Esha Kher – Dept. 11: I heard a probable cause hearing in which the detectives had to refresh their recollection before answering almost every question,  the defense also brought to light the incompetencies and inefficiencies on the detectives part in making their report. Despite the charge in this case being the passing of a verbal threat that could lead to bodily injury and the probable cause assessing the specific, immediate, and unequivocal nature of it, the detective and the police officer on the case failed to include the direct statement of the victim including a direct quote of the threat in their report. The case ended with the judge finding sufficient cause for the charges, nevertheless.

Michael Wheeler – Dept. 32: Paul Yancy’s preliminary hearing turned contentious today due to the victim’s cursory testimony and public defender Steve Nelson’s assertion that his client should properly be the victim. Police reported to a fight at a homeless encampment and found the victim Sadya Raj lying on the ground after being struck multiple times by a wooden board by Yancy. Raj had been drunk at the time and remembered very few details of the incident. However, he seemed to have approached the wheelchair-bound defendant after misinterpreting a remark which he thought was an insult aimed at his mother. After putting his hands up in a fighting position, he fell onto the defendant, at which point he was hit.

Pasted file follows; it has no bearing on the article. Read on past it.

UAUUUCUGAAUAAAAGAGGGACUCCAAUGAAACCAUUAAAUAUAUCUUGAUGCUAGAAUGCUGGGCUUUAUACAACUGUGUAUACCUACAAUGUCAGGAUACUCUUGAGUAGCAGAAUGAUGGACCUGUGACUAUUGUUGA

Nelson was not complimentary of the policing, saying, “The police officers—nobody knows who’s in charge, they make a decision to arrest, and everything else just flows from it and now we’re here. There’s been no independent thought, no independent investigation. Nobody ever assessed this case correctly.” However, Judge Emily Vasquez forwarded the case to trial, saying, “I do find the evidence weak, but I find that it does satisfy the standard of probable cause. In that, there has been evidence presented that Mr. Yancy may have used unreasonable force in this case.” The case will return for trial on June 1.

Wednesday, April 21, 2021

Sacramento County Superior Court